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The Department of Defense Data Strategy: An Important Start

In early October 2020, the Department of Defense released its long-anticipated and much needed Data Strategy. This strategy is the latest installment under the Department’s Digital Modernization Strategy, which was released in July 2019, and focused on the key strategic pillars of enterprise cloud adoption, artificial intelligence, command, control, communications, cybersecurity, and IT reform.

The Data Strategy clearly articulates seven long-overdue goals for the Department pertaining to data management. Most notably, these goals include making data visible and accessible, so that decision makers and Service members can find and utilize common data sets in order to make informed decisions and achieve the best possible mission outcomes. Also key are the goals to make data understandable, linked, and interoperable. Of course, the best data has minimum value if it is not trusted and secured, which is why the Data Strategy also focuses on ensuring that data consumers can be confident in their data and that it is protected from all manner of cybersecurity threats.  

If all of this sounds very familiar, that’s because it is closely aligned with the Department’s Joint All Domain Command and Control (JADC2) effort being led by the Air Force. Dave Spirk, Chief Data Officer for the Department, has said that the Data Strategy is a further enforcement of JADC2’s focus areas, which include joint warfighting, decision support, and data analytics. Additionally, Dr. Clark Cully, the Deputy Chief Data Officer recently noted that he is working to address gaps that are found within the JADC2 effort to more effectively connect the warfighter with data needed for mission success.   

In order to fully implement and sustain the Data Strategy’s lofty goals, Congress will need to be a key partner with the Department moving forward. Overall, effective data management amongst the Federal government does have the attention of Congress. With the passage of the Foundations for Evidence-Based Policy Making Act of 2018, Congress directed each Agency to designate a nonpolitical appointee to the position of Chief Data Officer, responsible for data management, and working with the Agency Chief Information Officer to improve infrastructure and reduce barriers that inhibit data accessibility.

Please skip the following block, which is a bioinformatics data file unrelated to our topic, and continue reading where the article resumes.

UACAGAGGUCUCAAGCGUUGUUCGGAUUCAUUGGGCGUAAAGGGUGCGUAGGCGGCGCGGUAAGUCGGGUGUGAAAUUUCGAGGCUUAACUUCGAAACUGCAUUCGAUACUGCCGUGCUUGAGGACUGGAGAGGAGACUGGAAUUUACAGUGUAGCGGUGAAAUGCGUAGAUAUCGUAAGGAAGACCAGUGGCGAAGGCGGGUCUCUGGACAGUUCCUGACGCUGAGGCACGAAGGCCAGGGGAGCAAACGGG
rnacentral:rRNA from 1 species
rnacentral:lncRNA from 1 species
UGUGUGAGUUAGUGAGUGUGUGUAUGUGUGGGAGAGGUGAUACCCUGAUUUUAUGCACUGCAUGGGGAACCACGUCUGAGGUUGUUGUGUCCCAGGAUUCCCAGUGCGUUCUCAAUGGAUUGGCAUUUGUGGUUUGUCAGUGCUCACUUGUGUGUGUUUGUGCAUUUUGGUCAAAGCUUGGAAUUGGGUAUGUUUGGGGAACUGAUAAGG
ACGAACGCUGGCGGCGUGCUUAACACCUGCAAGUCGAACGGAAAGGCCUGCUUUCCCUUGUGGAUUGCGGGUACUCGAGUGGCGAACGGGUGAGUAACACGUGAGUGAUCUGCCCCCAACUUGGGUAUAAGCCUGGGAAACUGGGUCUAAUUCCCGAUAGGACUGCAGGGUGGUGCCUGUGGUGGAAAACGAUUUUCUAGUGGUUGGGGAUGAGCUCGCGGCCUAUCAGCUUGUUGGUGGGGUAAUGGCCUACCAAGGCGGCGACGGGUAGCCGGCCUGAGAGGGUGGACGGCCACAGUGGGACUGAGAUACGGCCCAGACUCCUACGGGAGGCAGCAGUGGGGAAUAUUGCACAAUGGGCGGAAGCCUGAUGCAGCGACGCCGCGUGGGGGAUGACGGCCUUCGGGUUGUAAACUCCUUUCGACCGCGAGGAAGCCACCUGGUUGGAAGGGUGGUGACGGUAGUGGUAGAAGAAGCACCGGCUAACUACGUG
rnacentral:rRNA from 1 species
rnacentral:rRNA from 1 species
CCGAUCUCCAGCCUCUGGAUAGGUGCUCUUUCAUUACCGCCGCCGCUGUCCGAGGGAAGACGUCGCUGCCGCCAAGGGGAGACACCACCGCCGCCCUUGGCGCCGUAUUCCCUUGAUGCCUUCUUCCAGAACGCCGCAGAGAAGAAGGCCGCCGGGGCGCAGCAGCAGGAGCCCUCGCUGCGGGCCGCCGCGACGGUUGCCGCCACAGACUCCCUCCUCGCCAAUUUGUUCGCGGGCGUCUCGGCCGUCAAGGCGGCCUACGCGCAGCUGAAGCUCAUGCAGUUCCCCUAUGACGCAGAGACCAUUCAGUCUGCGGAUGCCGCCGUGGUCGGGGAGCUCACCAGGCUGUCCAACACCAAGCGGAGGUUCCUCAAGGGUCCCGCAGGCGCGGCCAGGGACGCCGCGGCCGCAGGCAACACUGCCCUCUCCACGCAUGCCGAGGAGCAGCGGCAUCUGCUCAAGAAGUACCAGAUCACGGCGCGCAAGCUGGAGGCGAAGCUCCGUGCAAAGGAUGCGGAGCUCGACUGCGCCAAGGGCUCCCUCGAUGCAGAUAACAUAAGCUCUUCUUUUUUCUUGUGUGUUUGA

Specific to the Department of Defense, Congress has gone a step further. In the National Defense Authorization Act for Fiscal Year 2020, Congress realigned the Chief Data Officer position to report directly to the Chief Information Officer, directing that the Department develop a comprehensive strategy for moving applications to the cloud and generally using data to optimize IT and cybersecurity investments. Additionally, Congress explicitly directed that the Department make data usable and available across the enterprise. That brings us to the Data Strategy issued last October.

Moving forward, we can anticipate that Congress will continue to push the Federal government, and the Department of Defense in particular, towards more effective and efficient data management. The Fiscal Year 2021 National Defense Authorization Act Conference Report included language on the matter. Of particular note, Section 836 directs the Secretary of Defense to formally establish a digital data management and analytics capability to integrate all aspects of the Department’s acquisition process. Now the question becomes – how will the Department budget to implement and sustain effective data management? Perhaps a future Department requirement to map data initiatives in the Fiscal Year 2023 budget request and beyond to the DoD Data Strategy’s goals.      

Tim Frank
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Tim Frank

Tim Frank is the Federal Government Affairs Manager, bringing over a decade of experience at the intersection of the Defense Department, Congress, and Industry. Prior to joining Splunk, Tim worked in the Office of the Secretary of Defense as the Deputy Chief of Staff to the Pentagon’s Chief Information Officer, focused on information management, legislative, public, and international affairs. During the Obama Administration, he served as a Special Assistant to the Assistant Secretary of Defense for Legislative Affairs, focusing on information technology and cybersecurity issues. Tim holds a JD from Michigan State University College of Law and a BA in Political Science from Grand Valley State University.

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